Practice Lesson of the Week

Life threatening myelotoxicity secondary to azathioprine in a patient with atopic eczema and normal thiopurine methyltransferase activity

BMJ 2011; 342 doi: http://dx.doi.org/10.1136/bmj.d1417 (Published 25 March 2011) Cite this as: BMJ 2011;342:d1417
  1. Jamie S Wee, specialist trainee year 1 in dermatology1,
  2. Anthony Marinaki, principal biochemist1,
  3. Catherine H Smith, consultant in dermatology1
  1. 1St Thomas’ Hospital, London SE1 7EH
  1. Correspondence to: J S Wee dr.jamie.wee{at}gmail.com
  • Accepted 2 November 2010

Anticipate myelotoxicity in patients treated with azathioprine and monitor levels closely, particularly when starting treatment

Azathioprine is an immunosuppressive agent belonging to a class of drugs known as thiopurines. Azathioprine was originally used to prevent rejection of transplant organs and is now widely used as a steroid sparing agent in the treatment of autoimmune and chronic inflammatory diseases. Use in atopic eczema has been supported by randomised controlled trials, with a reported improvement in disease activity of 37% after 12 weeks.1 Treatment can be limited by adverse effects, leading to withdrawal in 10-28% of patients,2 with the most serious complication, myelosuppression, occurring in 7% of cases.3 Thiopurine methyltransferase (TPMT) is a key enzyme in the metabolism of azathioprine, methylating azathioprine metabolites at the expense of formation of cytotoxic thioguanine nucleotides. TPMT deficiency is a well documented cause of azathioprine induced myelosuppression,4 and routine TPMT testing is established best practice for identifying patients at risk.5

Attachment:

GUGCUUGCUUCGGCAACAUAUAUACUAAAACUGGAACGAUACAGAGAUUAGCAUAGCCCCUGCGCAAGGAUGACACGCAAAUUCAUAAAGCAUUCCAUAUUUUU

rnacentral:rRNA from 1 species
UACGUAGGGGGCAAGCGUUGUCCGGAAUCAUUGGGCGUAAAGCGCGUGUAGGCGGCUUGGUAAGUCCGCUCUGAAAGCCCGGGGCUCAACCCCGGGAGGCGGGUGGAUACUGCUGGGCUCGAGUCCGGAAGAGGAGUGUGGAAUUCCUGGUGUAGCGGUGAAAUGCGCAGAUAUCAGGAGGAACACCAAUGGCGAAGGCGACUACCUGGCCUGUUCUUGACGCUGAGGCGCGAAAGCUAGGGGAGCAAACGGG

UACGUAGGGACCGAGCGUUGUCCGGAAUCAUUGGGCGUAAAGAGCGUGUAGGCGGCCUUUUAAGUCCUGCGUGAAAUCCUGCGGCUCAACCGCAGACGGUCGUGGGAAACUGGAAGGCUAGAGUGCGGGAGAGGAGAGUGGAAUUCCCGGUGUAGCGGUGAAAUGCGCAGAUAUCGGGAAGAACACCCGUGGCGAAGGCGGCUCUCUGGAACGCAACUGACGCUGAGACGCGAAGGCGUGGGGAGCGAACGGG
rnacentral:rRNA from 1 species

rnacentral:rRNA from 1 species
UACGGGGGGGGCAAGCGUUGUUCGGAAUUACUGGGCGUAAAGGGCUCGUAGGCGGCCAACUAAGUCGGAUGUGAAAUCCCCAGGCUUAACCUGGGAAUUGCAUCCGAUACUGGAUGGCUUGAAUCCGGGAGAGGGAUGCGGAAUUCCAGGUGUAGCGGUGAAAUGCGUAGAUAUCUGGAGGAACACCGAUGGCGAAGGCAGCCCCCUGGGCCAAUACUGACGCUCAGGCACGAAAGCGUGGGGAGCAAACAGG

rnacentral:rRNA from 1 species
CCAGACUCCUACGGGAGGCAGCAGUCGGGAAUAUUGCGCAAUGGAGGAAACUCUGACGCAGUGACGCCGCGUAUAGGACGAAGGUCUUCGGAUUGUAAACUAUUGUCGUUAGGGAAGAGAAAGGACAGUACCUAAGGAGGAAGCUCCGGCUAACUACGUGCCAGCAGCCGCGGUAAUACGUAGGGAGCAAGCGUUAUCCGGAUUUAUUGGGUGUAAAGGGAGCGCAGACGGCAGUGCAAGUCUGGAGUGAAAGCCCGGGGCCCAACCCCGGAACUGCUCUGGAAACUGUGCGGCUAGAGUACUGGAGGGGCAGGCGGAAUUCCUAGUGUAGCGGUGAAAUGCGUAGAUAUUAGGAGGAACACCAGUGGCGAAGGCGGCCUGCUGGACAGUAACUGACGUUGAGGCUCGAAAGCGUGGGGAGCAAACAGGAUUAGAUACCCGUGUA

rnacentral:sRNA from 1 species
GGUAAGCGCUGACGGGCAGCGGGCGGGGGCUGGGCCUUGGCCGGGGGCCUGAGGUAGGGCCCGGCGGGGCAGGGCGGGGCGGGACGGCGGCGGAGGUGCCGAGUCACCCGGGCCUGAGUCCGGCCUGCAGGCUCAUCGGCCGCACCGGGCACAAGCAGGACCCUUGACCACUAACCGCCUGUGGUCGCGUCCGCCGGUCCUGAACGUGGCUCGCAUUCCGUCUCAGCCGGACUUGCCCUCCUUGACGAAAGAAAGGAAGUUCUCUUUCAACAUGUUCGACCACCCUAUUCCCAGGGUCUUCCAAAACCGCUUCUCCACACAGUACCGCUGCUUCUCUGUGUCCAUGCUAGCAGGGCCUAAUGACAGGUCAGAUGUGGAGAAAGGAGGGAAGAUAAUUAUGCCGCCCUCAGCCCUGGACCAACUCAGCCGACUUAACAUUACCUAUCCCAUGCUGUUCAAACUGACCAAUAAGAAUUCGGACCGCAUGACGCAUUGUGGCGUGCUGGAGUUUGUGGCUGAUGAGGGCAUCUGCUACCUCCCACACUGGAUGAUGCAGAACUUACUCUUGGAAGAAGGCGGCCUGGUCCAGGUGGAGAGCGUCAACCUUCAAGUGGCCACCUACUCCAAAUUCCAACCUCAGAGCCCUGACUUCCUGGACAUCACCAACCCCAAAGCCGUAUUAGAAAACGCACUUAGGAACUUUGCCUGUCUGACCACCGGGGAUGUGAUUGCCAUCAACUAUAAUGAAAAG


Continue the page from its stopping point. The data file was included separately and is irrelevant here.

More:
We report a patient with normal TPMT activity who was prescribed azathioprine for severe atopic eczema and subsequently developed profound, life threatening myelotoxicity, which could potentially have been identified earlier.

Case report

A 24 year old Filipino man presented to the dermatology department with a lifelong history of generalised atopic eczema that was uncontrolled with superpotent topical corticosteroids. Infective exacerbations were frequent, with an overall adverse effect on his quality of life. He had a history of asthma, and his only medication was a salbutamol …

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